Our first interview! Plus flooding, more flooding, and the World Cup.

Yesterday, aside from early, the day was off to a rainy start. You see the weather in D.F. is unpredictable, so much so that its predictable. Every day will bring rain, overcast skies, a scorching sun and dry heat. That means pulling-off an outfit versatile enough to keep you cool, warm, and dry – every day. It’s actually become a joke between a friend and I, to see who’s outfit can make it through the day’s weather the best. I can’t complain, it’s really made me a pretty skilled dresser.

I digress, back to the beginning of the day. At 8:00 yesterday morning I took what locals call the “trolebus”, a public transportation bus that runs electrically off wires connected to poles throughout the city, to my partner Ainhoa’s place in Coyoacan.

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At 9a a driver from CONAGUA, Mexico’s National Water Commission, picked us up and we traveled about 30 minutes crossing into Mexico City to CONAGUA’s facilities in Texcoco. As we drove out from D.F. we slowed numerous times due to flooding, even though the morning rainfall was light. This happens often. Anytime it rains, there’s flooding all over the city, causing major traffic jams and slowing public transportation, even the metro.

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Though D.F. is notorious for it’s chaotic traffic, our drive was smooth and seeing as neither Ainhoa nor I get to travel by car much, we simply glared out the window, marveling at the size and diversity of the city. Crossing under bridges, past stadiums, colorful buildings, streets vendors and more, I sat silent, amazed by the many sites I had never seen.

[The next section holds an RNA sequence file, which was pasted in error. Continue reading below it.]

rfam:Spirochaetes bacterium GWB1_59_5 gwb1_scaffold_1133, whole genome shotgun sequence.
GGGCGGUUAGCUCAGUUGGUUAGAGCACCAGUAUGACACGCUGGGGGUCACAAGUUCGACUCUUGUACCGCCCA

At Texcoco, we learned about the origins of Mexico City and how its foundation was laid atop a body of water, which has plenty to do with the inundations that plague the city to this day. We then headed back to D.F. to another of CONAGUA’s facilities, where we finished there at around 1:45p. We headed back to Coyoacan with our driver anxious to drop us off to return and watch the Mexico v. Brazil game in the World Cup. We got dropped off near a market, where every restaurant, niche and stall had a television tuned into the game. There was plenty of emotion in the air, as the sounds of excitement or disappointment filled the market with every play.

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What a time to be in Mexico.

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